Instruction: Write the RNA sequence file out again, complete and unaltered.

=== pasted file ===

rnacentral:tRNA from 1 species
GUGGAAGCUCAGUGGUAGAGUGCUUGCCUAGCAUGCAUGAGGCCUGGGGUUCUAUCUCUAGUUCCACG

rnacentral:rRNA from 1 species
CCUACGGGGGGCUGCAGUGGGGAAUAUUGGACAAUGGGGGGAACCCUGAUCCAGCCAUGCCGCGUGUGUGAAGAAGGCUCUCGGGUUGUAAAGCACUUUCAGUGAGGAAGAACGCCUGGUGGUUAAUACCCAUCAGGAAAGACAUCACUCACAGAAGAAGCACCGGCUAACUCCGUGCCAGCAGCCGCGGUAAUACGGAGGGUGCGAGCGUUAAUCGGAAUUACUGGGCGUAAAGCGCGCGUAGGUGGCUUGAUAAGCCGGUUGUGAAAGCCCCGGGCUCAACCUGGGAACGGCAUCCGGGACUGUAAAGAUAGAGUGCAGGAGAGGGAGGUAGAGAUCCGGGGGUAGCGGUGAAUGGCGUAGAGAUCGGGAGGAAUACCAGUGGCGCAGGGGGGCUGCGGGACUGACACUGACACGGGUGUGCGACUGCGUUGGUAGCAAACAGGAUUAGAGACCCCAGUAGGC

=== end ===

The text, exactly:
rnacentral:tRNA from 1 species
GUGGAAGCUCAGUGGUAGAGUGCUUGCCUAGCAUGCAUGAGGCCUGGGGUUCUAUCUCUAGUUCCACG

rnacentral:rRNA from 1 species
CCUACGGGGGGCUGCAGUGGGGAAUAUUGGACAAUGGGGGGAACCCUGAUCCAGCCAUGCCGCGUGUGUGAAGAAGGCUCUCGGGUUGUAAAGCACUUUCAGUGAGGAAGAACGCCUGGUGGUUAAUACCCAUCAGGAAAGACAUCACUCACAGAAGAAGCACCGGCUAACUCCGUGCCAGCAGCCGCGGUAAUACGGAGGGUGCGAGCGUUAAUCGGAAUUACUGGGCGUAAAGCGCGCGUAGGUGGCUUGAUAAGCCGGUUGUGAAAGCCCCGGGCUCAACCUGGGAACGGCAUCCGGGACUGUAAAGAUAGAGUGCAGGAGAGGGAGGUAGAGAUCCGGGGGUAGCGGUGAAUGGCGUAGAGAUCGGGAGGAAUACCAGUGGCGCAGGGGGGCUGCGGGACUGACACUGACACGGGUGUGCGACUGCGUUGGUAGCAAACAGGAUUAGAGACCCCAGUAGGC